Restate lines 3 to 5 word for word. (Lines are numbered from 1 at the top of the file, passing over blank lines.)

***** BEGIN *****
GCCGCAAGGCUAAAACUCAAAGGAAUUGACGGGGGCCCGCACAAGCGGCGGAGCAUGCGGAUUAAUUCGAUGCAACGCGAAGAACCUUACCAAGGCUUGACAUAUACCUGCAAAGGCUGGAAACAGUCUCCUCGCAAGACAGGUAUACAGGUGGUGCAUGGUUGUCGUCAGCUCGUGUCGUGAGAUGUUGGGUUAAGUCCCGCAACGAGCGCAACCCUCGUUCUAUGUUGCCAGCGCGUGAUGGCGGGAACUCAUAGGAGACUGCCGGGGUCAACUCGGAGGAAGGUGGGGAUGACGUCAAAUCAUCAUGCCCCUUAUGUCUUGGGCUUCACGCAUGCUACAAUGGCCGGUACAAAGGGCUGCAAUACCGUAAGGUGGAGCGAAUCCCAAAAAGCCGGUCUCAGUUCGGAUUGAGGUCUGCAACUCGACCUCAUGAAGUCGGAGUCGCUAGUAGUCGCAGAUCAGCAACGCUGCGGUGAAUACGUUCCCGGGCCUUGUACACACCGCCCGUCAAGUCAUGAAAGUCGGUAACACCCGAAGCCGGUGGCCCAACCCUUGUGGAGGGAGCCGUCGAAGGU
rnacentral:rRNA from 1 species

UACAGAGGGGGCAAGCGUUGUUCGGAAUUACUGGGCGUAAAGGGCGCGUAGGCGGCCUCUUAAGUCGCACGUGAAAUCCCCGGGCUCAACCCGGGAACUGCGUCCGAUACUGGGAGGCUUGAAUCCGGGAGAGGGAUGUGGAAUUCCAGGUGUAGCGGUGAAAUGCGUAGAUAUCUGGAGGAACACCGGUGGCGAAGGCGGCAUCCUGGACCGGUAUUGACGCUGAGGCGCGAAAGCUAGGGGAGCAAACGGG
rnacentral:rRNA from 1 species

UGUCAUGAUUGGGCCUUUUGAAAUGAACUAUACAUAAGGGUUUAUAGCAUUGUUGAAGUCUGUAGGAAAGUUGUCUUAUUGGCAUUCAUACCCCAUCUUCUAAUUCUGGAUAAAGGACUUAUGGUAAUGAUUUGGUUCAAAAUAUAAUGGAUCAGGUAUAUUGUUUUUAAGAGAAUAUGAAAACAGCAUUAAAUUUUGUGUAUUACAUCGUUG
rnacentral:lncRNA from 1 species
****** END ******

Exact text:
UACAGAGGGGGCAAGCGUUGUUCGGAAUUACUGGGCGUAAAGGGCGCGUAGGCGGCCUCUUAAGUCGCACGUGAAAUCCCCGGGCUCAACCCGGGAACUGCGUCCGAUACUGGGAGGCUUGAAUCCGGGAGAGGGAUGUGGAAUUCCAGGUGUAGCGGUGAAAUGCGUAGAUAUCUGGAGGAACACCGGUGGCGAAGGCGGCAUCCUGGACCGGUAUUGACGCUGAGGCGCGAAAGCUAGGGGAGCAAACGGG
rnacentral:rRNA from 1 species

UGUCAUGAUUGGGCCUUUUGAAAUGAACUAUACAUAAGGGUUUAUAGCAUUGUUGAAGUCUGUAGGAAAGUUGUCUUAUUGGCAUUCAUACCCCAUCUUCUAAUUCUGGAUAAAGGACUUAUGGUAAUGAUUUGGUUCAAAAUAUAAUGGAUCAGGUAUAUUGUUUUUAAGAGAAUAUGAAAACAGCAUUAAAUUUUGUGUAUUACAUCGUUG